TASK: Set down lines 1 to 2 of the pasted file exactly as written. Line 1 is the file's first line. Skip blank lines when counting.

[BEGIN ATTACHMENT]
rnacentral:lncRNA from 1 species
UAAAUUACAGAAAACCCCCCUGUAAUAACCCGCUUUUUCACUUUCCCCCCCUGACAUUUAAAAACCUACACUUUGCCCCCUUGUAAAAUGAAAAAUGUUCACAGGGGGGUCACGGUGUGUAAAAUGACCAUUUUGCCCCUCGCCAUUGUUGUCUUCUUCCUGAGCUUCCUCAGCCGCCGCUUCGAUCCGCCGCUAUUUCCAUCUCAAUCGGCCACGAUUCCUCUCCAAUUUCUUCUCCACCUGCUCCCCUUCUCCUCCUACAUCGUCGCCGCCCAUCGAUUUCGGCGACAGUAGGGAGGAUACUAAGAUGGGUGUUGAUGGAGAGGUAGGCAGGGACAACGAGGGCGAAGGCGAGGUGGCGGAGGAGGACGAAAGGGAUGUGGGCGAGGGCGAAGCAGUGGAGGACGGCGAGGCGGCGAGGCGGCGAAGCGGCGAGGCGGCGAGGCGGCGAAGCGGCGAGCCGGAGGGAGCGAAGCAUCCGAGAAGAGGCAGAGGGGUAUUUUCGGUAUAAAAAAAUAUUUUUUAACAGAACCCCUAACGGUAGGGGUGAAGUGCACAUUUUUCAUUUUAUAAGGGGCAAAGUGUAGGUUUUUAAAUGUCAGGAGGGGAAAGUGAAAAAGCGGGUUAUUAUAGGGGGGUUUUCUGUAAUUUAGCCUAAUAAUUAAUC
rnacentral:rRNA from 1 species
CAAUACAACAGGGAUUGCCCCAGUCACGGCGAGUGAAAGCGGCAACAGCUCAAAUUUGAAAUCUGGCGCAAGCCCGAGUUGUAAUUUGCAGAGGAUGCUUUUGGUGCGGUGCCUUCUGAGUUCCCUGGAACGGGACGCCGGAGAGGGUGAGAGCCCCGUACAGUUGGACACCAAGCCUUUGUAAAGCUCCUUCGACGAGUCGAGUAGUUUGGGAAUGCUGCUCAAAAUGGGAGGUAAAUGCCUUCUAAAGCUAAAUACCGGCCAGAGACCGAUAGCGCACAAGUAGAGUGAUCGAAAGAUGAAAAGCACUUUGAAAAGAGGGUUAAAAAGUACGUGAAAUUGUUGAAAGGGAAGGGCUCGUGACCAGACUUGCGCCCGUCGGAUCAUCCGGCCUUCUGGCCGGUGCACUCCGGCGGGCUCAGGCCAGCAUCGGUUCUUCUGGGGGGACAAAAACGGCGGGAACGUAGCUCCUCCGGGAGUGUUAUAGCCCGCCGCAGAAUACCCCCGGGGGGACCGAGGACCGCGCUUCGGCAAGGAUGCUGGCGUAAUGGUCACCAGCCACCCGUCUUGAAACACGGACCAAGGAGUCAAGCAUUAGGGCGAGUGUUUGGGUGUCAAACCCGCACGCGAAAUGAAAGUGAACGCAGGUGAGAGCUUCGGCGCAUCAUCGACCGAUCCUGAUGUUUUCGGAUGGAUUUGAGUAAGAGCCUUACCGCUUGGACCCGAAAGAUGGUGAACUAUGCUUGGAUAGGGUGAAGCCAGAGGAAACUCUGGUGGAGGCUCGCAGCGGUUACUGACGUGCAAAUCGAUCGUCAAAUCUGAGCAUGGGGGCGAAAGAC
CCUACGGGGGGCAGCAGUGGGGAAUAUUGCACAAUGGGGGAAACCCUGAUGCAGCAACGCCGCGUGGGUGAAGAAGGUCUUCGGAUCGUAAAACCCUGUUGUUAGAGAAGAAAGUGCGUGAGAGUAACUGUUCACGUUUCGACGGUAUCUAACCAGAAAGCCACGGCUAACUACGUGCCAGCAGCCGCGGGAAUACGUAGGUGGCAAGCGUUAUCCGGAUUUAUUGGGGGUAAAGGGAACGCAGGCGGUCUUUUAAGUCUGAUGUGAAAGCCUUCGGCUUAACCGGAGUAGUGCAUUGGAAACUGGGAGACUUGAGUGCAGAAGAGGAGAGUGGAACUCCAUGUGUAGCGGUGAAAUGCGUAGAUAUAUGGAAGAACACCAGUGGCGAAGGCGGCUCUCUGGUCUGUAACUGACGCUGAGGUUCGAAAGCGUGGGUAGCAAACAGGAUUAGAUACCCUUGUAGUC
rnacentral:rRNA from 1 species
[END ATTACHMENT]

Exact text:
rnacentral:lncRNA from 1 species
UAAAUUACAGAAAACCCCCCUGUAAUAACCCGCUUUUUCACUUUCCCCCCCUGACAUUUAAAAACCUACACUUUGCCCCCUUGUAAAAUGAAAAAUGUUCACAGGGGGGUCACGGUGUGUAAAAUGACCAUUUUGCCCCUCGCCAUUGUUGUCUUCUUCCUGAGCUUCCUCAGCCGCCGCUUCGAUCCGCCGCUAUUUCCAUCUCAAUCGGCCACGAUUCCUCUCCAAUUUCUUCUCCACCUGCUCCCCUUCUCCUCCUACAUCGUCGCCGCCCAUCGAUUUCGGCGACAGUAGGGAGGAUACUAAGAUGGGUGUUGAUGGAGAGGUAGGCAGGGACAACGAGGGCGAAGGCGAGGUGGCGGAGGAGGACGAAAGGGAUGUGGGCGAGGGCGAAGCAGUGGAGGACGGCGAGGCGGCGAGGCGGCGAAGCGGCGAGGCGGCGAGGCGGCGAAGCGGCGAGCCGGAGGGAGCGAAGCAUCCGAGAAGAGGCAGAGGGGUAUUUUCGGUAUAAAAAAAUAUUUUUUAACAGAACCCCUAACGGUAGGGGUGAAGUGCACAUUUUUCAUUUUAUAAGGGGCAAAGUGUAGGUUUUUAAAUGUCAGGAGGGGAAAGUGAAAAAGCGGGUUAUUAUAGGGGGGUUUUCUGUAAUUUAGCCUAAUAAUUAAUC